Every night since my son Reese was born, I have prayed this prayer for him as I put him to sleep: “Jesus, I ask that Reese would follow you from an early age.” Because Reese is three years old, it is easy for me and my wife Tiffany to create the conditions for this prayer to be answered. We attend church, pray and read the Bible together, and model the kind of life we think a Christ-follower should live. But there will come a day when Reese has grown up and must choose for himself whether and how to follow Jesus on his own. When that time comes, I will no doubt be praying with greater intensity.
I tell you this in order to tell you that, as a father, I understand the intensity behind Paul, Silas, and Timothy’s words in 1 Thessalonians 3:1-5:
So when we could stand it no longer, we thought it best to be left by ourselves in Athens. We sent Timothy, who is our brother and co-worker in God’s service in spreading the gospel of Christ, to strengthen and encourage you in your faith, so that no one would be unsettled by these trials. For you know quite well that we are destined for them. In fact, when we were with you, we kept telling you that we would be persecuted. And it turned out that way, as you well know. For this reason, when I could stand it no longer, I sent to find out about your faith. I was afraid that in some way the tempter had tempted you and that our labors might have been in vain.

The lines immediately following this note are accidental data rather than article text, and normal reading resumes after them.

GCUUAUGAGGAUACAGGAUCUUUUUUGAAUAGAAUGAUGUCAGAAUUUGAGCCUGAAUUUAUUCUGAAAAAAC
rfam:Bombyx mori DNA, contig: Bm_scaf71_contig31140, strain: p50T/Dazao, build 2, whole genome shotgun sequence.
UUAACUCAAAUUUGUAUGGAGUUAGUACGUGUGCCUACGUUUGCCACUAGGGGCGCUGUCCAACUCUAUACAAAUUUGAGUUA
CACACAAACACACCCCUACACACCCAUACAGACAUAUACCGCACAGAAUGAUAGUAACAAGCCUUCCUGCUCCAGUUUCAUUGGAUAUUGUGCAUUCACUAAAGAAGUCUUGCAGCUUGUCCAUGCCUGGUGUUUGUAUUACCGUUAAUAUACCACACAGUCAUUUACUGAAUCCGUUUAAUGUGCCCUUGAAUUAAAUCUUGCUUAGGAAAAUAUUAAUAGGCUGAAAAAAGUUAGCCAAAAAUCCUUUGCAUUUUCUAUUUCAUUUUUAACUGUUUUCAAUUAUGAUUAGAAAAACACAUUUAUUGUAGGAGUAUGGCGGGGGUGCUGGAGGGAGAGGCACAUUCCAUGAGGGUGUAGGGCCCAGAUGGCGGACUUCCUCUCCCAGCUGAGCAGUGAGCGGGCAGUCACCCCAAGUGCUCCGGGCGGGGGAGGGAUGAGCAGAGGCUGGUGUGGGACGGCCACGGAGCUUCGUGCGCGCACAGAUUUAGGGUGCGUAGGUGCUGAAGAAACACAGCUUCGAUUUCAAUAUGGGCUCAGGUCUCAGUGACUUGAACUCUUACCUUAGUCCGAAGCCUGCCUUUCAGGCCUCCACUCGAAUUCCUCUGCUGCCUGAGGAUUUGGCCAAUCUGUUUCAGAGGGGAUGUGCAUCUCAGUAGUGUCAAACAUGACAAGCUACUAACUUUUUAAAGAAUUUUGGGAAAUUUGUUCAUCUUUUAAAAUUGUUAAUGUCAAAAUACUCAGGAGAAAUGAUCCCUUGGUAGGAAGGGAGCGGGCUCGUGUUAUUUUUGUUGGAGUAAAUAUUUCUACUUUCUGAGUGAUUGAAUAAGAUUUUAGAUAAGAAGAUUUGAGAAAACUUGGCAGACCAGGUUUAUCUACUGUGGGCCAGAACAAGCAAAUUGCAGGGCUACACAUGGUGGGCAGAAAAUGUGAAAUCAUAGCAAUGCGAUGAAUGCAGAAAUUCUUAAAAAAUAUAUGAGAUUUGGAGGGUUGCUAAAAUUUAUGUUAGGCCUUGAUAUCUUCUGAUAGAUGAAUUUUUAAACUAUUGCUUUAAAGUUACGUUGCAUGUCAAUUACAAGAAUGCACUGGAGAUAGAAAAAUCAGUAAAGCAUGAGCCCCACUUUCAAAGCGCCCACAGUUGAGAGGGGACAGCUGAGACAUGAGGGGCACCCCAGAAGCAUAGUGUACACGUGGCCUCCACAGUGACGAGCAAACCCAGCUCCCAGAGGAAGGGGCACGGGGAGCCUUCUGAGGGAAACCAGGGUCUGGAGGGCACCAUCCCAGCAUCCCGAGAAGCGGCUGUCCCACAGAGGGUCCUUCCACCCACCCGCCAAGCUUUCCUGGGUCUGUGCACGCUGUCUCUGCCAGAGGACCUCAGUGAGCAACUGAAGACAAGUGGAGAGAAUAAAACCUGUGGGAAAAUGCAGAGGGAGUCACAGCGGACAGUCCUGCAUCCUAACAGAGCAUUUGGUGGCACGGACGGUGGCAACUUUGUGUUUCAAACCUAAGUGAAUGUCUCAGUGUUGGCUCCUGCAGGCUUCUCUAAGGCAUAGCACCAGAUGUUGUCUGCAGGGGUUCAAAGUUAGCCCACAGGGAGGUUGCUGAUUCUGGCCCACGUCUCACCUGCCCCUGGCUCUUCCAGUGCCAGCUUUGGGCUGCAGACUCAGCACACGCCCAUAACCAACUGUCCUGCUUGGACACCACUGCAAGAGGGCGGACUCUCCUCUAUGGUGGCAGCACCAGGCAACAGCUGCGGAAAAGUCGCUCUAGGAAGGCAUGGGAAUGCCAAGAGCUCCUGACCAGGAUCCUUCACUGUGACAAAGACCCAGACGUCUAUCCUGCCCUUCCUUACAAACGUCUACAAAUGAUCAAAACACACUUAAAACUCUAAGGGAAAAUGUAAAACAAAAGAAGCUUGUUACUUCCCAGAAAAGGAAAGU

Remember the context of these words: According to Acts 17:1-9, the missionaries spent several weeks evangelizing Thessalonian Jews and Gentile God-fearers. At some point, however, a coalition of Thessalonians initiated a mob action against the missionaries and new Christians, the former eventually fleeing the city under cover of night at the encouragement of the latter. These new Christians immediately began to suffer for their faith (1 Thes. 2:14, 3:3). Paul, Silas, and Timothy were worried whether their short, three-weeks’ work among the Thessalonians had laid strong enough foundations for them to withstand these attacks. They needn’t have worried, for the Thessalonians had stood strong.
Several lessons for fathers and mothers–biological or spiritual–who long for their children to follow Jesus Christ:
First, focus on Jesus Christ. The practice of Christianity goes bad when it begins to focus on peripheral issues rather than central ones. The missionaries’ preaching was simple: “This Jesus I am proclaiming to you is the Messiah” (Acts 17:3). If you want your children to follow Jesus, show them Jesus all the time.
Second, expect temptations and trials. Following Jesus doesn’t mean an easy life. We are “destined for [trials].” Following Jesus helps us resist temptation and emerge victorious from trials.
Third, keep the lines of relationship open so that you can communicate “encouragement and strength” whenever they’re needed. As your children age, your relationship with them changes. But the goal of your relationship doesn’t. You bear a responsibility of helping them love God, neighbor, and self. This is best done by encouragement, not nagging; by example, not command.
Jesus, may our children follow you from an early age and throughout the ages. Amen!